A person could drive themselves mad pondering the “What ifs…” and the “If only I hads…”. For example, I sometimes wonder what would have happened if I’d left that open pack of cocktail franks at the back of the fridge for another six months. Or if only I’d stopped at just one piece of chocolate rather than the whole ruddy block last night, whether my “apron” would feel a little less inflated this morning.
My husband no doubt has had some “What ifs” on his mind since we caught up with The King and his lovely wife (The Queen?). The King and my husband had worked together for a major British newspaper when we lived in London and The King had gone onto Great Things, whereas my husband had been dragged kicking and screaming back to the colonies by his wife, along with his four month old son, who also did a good line in screaming and kicking all that long long journey home. It all could have been so different, though. In our final months in the UK, my husband had gone for a promotion at work and we agreed that, if he got it, we’d stay in the UK and if he didn’t, we’d go to Australia where he could languish away in a dead-end academic job for five years before finally getting himself a “proper job” where he’d get to wear a fancy-man suit, start a campaign for “International Sean Connery Impressions Day” and end up running from his desk to throw up no less than six times the morning after a big work party. Well, we didn’t know that’s what Australia had in store for him at the time, but that’s what ended up happening. Fact.
If you ask him what life might have been like for us had we stayed in London, he would no doubt paint you a picture of himself cycling about on his trusty bike through the beautiful green parks of that fair city, putting in a hard day’s graft on a world-class publication, slipping in a pint (or three) at the pub with the lads after work and eventually coming home after closing time via the kebab shop. Which is pretty much what he was still doing up until the time we left. Life for me, of course, had changed considerably with the arrival of Mister Justice and my days were largely spent waiting for my husband to cycle home with the smell of lager and garlic sauce on his breath.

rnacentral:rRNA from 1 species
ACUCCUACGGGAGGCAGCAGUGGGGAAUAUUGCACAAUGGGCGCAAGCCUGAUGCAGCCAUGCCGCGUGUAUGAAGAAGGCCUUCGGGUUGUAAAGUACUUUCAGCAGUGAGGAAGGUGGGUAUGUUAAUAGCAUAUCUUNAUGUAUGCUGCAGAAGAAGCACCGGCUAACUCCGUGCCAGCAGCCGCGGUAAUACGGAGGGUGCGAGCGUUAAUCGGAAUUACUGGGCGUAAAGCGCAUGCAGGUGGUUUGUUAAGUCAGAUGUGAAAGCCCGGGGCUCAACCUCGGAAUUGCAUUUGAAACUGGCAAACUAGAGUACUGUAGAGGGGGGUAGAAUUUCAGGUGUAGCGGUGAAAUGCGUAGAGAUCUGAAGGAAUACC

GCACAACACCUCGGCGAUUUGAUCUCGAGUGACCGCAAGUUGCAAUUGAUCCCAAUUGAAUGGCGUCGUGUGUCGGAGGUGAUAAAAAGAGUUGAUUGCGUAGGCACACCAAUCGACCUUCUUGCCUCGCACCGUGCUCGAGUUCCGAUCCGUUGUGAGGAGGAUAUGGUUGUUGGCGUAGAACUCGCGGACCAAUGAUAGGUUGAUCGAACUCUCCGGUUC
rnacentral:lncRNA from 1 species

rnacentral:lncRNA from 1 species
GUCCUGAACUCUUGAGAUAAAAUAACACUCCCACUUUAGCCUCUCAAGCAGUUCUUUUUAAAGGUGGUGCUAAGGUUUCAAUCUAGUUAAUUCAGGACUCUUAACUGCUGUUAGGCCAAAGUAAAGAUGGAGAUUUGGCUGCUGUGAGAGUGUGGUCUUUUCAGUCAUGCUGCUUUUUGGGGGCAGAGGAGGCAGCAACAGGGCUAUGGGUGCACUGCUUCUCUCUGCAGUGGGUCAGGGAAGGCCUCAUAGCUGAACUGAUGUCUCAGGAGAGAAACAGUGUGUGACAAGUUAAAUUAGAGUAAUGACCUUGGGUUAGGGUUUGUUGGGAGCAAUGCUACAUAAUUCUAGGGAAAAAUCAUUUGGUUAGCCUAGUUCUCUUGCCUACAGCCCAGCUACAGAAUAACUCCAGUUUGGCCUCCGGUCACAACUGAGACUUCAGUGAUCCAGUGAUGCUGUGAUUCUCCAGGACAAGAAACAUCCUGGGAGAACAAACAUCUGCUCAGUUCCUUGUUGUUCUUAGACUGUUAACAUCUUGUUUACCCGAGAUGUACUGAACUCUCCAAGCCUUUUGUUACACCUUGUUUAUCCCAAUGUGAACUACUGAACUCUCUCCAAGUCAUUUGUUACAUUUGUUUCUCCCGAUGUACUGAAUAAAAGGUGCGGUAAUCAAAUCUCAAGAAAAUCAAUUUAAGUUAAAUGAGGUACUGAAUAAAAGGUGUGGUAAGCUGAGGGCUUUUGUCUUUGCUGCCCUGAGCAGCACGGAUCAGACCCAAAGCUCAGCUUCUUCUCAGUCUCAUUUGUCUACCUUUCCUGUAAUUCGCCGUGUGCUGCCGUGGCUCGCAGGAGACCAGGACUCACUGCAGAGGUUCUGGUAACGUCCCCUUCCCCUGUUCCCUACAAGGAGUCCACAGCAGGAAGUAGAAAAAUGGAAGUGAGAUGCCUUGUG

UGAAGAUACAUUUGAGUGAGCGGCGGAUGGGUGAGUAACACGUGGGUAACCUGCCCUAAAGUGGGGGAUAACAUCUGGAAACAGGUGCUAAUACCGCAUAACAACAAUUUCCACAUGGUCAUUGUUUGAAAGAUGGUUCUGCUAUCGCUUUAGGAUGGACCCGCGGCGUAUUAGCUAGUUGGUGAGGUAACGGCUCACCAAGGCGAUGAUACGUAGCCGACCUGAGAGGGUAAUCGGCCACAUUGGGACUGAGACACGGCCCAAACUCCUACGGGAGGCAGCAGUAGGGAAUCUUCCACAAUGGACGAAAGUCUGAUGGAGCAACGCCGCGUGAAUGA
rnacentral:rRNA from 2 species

But enough about him – it is all about me, after all. What would have happened to me if we had stayed there (other than waiting around for my drunken husband to come home)? Would financial necessity have driven me back to the arms of a rubber chicken in my manager-minding job (see “Chicken of Persuasion“)? Would I have gone on to churn out two more children in the home counties or I still be passing myself off as part of a “hip’n’happening London couple with a child”? Or, if I had managed to swing a Stay-At-Home gig, would I have found myself a mothers’ group full of gloriously boozy women with which to while away those long long afternoons (see “The Hostest with the Mostest” as a stirling example of this worthy past-time)?
For the answer to that last question, I’ll quote my friend Fee S in the UK, who had the following to report:
My usually breezy and very funny friend B—- (four boys 2-7yrs years) had a face of lead when I told her about your mother’s group, which sounded all fab and modern. She practically screamed at me “Have you been to a mother’s group here? Have you? Have you? It’s shit! Shit!”
Fee then went on to regale me with some horror stories of cold cups of tea in dank church halls – with not a hint of cheap bubbly or a schmancy hors d’oevres to be found. In an instant, I realised exactly what my life would have become had we stayed in the UK: I would have found myself on that Road Not Taken either drinking mournfully by myself of a Thursday afternoon or – worse yet – stone cold sober. Oh the humanity!